Giuseppe Penone, Spine d’acacia – Contatto, 2006, 300×480 cm.
Such juxtapositions between nature, history, and beauty, and importantly, the contemporary present and the glory of ancient Rome are revealed through subtle visual interplay, not just through Penone’s artworks themselves but through their placement in a building such as the Palazzo della Civiltà Italiana. The architecture of the fascist landmark once strove to create a visual and rhetorical link between a glorified Rome and the importance of national unity. Penone’s Arte Povera sculptures are in stark contrast to any type of imperial glory; his work instead evokes a desire for a spiritual link between nature, art, man and the present.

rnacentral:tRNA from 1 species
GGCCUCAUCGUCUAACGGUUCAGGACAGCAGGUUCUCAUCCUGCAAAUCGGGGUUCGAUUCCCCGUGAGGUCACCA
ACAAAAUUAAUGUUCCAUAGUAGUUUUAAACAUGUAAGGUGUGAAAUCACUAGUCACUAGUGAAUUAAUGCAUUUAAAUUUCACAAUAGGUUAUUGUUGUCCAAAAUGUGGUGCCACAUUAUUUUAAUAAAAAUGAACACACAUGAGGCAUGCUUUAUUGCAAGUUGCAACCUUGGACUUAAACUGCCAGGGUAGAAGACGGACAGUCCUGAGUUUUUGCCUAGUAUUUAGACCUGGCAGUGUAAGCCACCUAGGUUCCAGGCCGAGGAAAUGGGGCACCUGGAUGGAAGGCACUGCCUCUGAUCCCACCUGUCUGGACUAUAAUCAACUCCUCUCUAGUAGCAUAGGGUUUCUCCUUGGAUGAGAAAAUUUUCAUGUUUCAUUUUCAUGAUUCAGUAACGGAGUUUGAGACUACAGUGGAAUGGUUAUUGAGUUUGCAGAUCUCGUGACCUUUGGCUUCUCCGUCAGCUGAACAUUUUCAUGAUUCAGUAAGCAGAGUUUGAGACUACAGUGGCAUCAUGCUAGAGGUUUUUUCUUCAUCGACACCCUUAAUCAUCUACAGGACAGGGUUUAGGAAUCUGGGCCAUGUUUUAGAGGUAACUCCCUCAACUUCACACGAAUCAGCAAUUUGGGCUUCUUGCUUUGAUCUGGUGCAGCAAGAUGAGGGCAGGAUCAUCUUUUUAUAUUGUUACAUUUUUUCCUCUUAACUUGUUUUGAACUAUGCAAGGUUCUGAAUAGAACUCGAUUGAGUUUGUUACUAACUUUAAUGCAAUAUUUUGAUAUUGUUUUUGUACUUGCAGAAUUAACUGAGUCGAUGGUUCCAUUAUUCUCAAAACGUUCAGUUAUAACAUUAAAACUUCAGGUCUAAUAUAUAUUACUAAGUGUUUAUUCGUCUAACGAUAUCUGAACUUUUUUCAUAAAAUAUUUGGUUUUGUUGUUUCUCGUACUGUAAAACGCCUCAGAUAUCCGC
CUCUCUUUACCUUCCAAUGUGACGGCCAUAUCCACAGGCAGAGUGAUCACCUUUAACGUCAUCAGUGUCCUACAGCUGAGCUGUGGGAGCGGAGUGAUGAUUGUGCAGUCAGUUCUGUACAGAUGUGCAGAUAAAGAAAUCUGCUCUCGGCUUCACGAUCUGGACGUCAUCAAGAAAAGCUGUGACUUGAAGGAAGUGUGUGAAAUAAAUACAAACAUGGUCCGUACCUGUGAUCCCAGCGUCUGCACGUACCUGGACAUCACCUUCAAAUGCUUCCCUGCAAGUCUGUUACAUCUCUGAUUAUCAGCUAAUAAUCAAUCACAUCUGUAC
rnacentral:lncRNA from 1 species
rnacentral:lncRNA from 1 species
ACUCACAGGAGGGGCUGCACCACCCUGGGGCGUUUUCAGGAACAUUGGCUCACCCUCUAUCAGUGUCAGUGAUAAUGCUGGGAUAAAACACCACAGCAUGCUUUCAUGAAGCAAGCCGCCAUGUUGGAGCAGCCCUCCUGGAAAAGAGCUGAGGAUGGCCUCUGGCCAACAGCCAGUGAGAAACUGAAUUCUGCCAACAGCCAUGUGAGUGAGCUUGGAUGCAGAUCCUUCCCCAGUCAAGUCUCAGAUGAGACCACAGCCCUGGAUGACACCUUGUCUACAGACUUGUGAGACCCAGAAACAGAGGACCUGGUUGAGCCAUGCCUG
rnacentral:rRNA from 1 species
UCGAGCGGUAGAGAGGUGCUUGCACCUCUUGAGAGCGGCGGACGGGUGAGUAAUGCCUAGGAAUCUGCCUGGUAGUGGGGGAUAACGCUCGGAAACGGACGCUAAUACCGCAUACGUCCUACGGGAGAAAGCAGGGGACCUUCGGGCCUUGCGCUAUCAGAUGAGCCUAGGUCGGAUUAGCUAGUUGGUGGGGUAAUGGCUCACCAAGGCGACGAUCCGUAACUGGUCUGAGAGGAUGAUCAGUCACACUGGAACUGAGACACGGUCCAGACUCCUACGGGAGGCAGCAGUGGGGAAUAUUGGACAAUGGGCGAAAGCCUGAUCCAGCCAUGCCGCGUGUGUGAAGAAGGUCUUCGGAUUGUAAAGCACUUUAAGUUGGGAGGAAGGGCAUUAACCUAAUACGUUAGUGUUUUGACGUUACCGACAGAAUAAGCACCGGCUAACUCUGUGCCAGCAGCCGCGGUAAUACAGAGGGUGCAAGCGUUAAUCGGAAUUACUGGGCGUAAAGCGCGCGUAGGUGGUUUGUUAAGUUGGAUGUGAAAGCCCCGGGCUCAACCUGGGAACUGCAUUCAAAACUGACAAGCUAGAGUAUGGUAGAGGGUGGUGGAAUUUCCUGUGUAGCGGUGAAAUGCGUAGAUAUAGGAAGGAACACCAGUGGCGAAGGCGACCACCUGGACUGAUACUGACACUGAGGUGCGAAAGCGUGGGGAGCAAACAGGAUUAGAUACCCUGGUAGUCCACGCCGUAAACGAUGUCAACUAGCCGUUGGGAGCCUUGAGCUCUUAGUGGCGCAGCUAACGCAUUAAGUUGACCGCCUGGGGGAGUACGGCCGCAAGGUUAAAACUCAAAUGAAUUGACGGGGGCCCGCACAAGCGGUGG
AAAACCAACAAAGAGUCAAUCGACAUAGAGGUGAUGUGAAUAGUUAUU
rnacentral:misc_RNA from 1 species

A walk through Matrice and the viewer will see how Penone constantly synthesizes nature and art in his work. In Essere Fiume (To Be A River) (2010) the artist has painstakingly replicated the shape of a river stone in a carved marble block. “This piece originated from my experience while working with stones,” explains the artist. “I had this idea that my heating and my touching the stone was very similar to what the river was doing to the stones.” Penone thus strove to repeat the same process that the river did to the stones on his own. “The idea was that I was creating the perfect sculpture in terms of matter and in terms of working process.” In Spine d’Acacia (2006) thousands of thorns are used to delineate an image of a human face. Nearby, in Soffio di Foglie (1979), is a large pile of leaves where the artist has left an imprint of his body. “You have the absence of the body and the absence of the tree,” says Penone.